Clint Dempsey and Victor Rodriguez - hand shake after goal
Clint Dempsey (right) and Victor Rodriguez

When the clock strikes Deuce: The dependably dangerous Clint Dempsey

You’ve heard the old saw about Clint Dempsey a thousand times by now, the one handed down to us by the grizzled Bruce Arena, a testament to the ingenuity and bravery of the stone-faced striker from Texas: “He tries sh*t.” As far as three-word descriptors go, it’s a moving compliment, and an apt phrase for a one-of-a-kind player in the annals of American soccer.

But it actually obscures an important truth about Dempsey: The famously unpredictable attacker is actually pretty reliable, especially when it comes to big moments.

Thursday night, Dempsey's brace led Seattle to an Audi 2017 MLS Cup Playoffs Western Conference Semifinal victory against Vancouver. He raised his career postseason tallies to 6 goals and 3 assists in 7 career MLS playoff campaigns, alongside his already-sterling 71 and 41 in 172 career regular-season games. Few players in the league have earned more of a right to be trusted when a goal absolutely, positively has to be dug out, as was the case for the Sounders in Leg 2 of that continuously cagey series.

Dempsey is 34 now, and he remains the most dependable performer in the clutch for both club and country, despite months – maybe years – of talk about his advancing years and aging legs and the awkward questions facing him and the Sounders as that historic Designated Player contract of his winds towards its end.

The litany is even familiar to us: His future is uncertain. He might have to accept a supersub role. This is really Nico Lodeiro’s team now. His club finally won the big one last year – without him, thanks to that heart condition that raised the specter of forced retirement, however briefly. His US national team failed to qualify for Russia 2018 in the most humiliating fashion imaginable. And of course, he’s not getting any younger.

ESPNFC’s headline blared out the encapsulated version this week: “Time is running out for Clint Dempsey to make his mark in MLS Cup playoffs.”

This isn’t actually a new phenomenon for the kid who honed his cheeky, swaggering style of play on the hardscrabble, sun-baked fields and trailer-park driveways of East Texas. He’s spoken vividly over the years of the race against time, the urgency of being the one at the periphery, a clock over his shoulder as he hustles to get noticed, hustles to prove that he’s worth the spot, hustles to stay king of the hill in the face of relentless competition and advancing age.

From Nacogdoches to Furman to New England to Fulham to Tottenham to Puget Sound, with memorable diversions to Germany and South Africa and Brazil. Roaming the right flank in midfield, leading the line, drifting in the hole, in and out of his preferred position, in and out of the starting XI.

Somehow he’s gotten his hands on nearly everything his childhood self could’ve dreamed of and more, and still retains that restless, furtive, slightly angry aura – still the outsider, even as a million-dollar man. Even with a championship ring sitting on the desktop at home.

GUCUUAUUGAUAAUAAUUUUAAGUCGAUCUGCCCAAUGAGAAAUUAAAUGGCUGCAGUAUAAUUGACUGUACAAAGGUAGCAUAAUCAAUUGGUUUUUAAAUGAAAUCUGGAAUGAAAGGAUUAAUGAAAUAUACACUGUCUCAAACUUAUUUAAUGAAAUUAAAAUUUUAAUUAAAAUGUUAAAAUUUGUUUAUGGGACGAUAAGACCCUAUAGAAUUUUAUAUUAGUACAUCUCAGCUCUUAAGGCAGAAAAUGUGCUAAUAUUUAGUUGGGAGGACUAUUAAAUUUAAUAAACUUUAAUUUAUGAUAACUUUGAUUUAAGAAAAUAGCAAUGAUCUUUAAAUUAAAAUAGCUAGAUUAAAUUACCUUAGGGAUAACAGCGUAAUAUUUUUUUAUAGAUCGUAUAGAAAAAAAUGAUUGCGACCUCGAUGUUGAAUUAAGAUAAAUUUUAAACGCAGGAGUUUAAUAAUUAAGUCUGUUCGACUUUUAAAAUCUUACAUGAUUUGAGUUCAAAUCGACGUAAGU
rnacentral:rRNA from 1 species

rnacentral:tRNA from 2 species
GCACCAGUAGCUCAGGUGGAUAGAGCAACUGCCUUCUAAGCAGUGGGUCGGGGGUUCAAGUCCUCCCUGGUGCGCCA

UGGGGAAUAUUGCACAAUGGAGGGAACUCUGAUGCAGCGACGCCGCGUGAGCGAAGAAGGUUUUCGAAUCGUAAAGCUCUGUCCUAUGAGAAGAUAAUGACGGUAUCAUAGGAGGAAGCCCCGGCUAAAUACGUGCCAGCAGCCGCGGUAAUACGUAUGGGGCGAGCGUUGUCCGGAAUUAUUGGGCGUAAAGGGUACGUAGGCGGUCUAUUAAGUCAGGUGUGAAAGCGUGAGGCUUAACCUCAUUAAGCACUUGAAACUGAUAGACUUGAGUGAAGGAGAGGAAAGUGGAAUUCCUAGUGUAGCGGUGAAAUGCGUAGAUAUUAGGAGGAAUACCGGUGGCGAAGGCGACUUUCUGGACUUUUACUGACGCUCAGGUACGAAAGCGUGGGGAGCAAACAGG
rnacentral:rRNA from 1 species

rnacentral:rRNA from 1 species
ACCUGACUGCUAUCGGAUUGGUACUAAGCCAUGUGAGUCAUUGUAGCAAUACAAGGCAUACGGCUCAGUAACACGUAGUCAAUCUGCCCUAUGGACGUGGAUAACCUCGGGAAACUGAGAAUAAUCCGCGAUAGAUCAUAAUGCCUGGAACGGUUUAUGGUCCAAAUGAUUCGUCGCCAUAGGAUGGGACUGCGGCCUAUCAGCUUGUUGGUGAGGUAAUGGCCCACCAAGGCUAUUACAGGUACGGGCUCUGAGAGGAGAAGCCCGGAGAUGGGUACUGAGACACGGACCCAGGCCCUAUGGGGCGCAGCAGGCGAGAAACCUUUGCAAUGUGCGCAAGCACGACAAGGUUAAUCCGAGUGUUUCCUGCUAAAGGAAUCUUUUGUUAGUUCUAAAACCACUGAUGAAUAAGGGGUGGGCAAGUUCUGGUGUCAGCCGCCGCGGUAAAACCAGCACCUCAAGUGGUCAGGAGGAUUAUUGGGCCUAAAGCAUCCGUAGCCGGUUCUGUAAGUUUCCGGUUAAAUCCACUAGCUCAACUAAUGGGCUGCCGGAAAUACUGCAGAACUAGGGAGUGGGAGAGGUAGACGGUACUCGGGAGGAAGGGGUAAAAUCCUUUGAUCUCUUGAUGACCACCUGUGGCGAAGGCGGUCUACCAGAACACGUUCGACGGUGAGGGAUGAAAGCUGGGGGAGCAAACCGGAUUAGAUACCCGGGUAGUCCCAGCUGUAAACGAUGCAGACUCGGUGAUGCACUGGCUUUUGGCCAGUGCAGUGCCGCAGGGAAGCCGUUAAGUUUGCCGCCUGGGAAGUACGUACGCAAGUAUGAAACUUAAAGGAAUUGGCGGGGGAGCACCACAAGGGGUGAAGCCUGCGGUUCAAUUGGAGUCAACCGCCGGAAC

“He didn’t get to be a part of the run to the MLS Cup last year, one that you can tell just hurt him, and one that he didn’t really feel was his,” said former USMNT colleague Stu Holden during the final moments of Thursday’s FS1 broadcast. “So he has a little bit of a chip on his shoulder, wanting to make sure he leads this team to back-to-back championships.”

Sounders coach Brian Schmetzer boiled it down a bit further.

“He's been through a lot. And he's hungry. He's hungry.”

Packed with talent, but somehow still lacking in killer instinct, Seattle let the Whitecaps hang around in this series far longer than they deserved to. Showing precious little ambition or attacking cohesion, Vancouver rarely seemed threatening to the defending champs, but they remained unbowed as the minutes ticked away in Leg 2, dustily defiant like a bloodied bull trotting around the ring.

Seattle needed a closer, a matador. And no one else in the building can do the job like Deuce.

As our own Sam Stejskal reported earlier this season, the Sounders have an option year on Dempsey in 2018. They may check that box enthusiastically, or perhaps might try to talk him down to a smaller, more budget-friendly salary number. Some have even raised the possibility of him calling time on his career altogether – though that prospect seemed distant, even faintly ludicrous under the rainy Seattle skies on Thursday, as he yet again did what he does best.

“While they’ve been in negotiations, we were told yesterday by Seattle that they have 'a warm, fuzzy feeling' about him coming back next year,” noted Holden, “which makes it seem – and we know they’ve been in advanced discussions – but that Clint Dempsey will be back here next season. At what number, we do not know, but that is good news and he’s certainly proving his worth, yet again, to this franchise.

“When you need him, he has turned up.”

There’s hardly anyone like Deuce – in MLS, in a Sounders uniform, in US soccer history. And it hardly seems like he’s done making noise.

Let’s enjoy it while it lasts.

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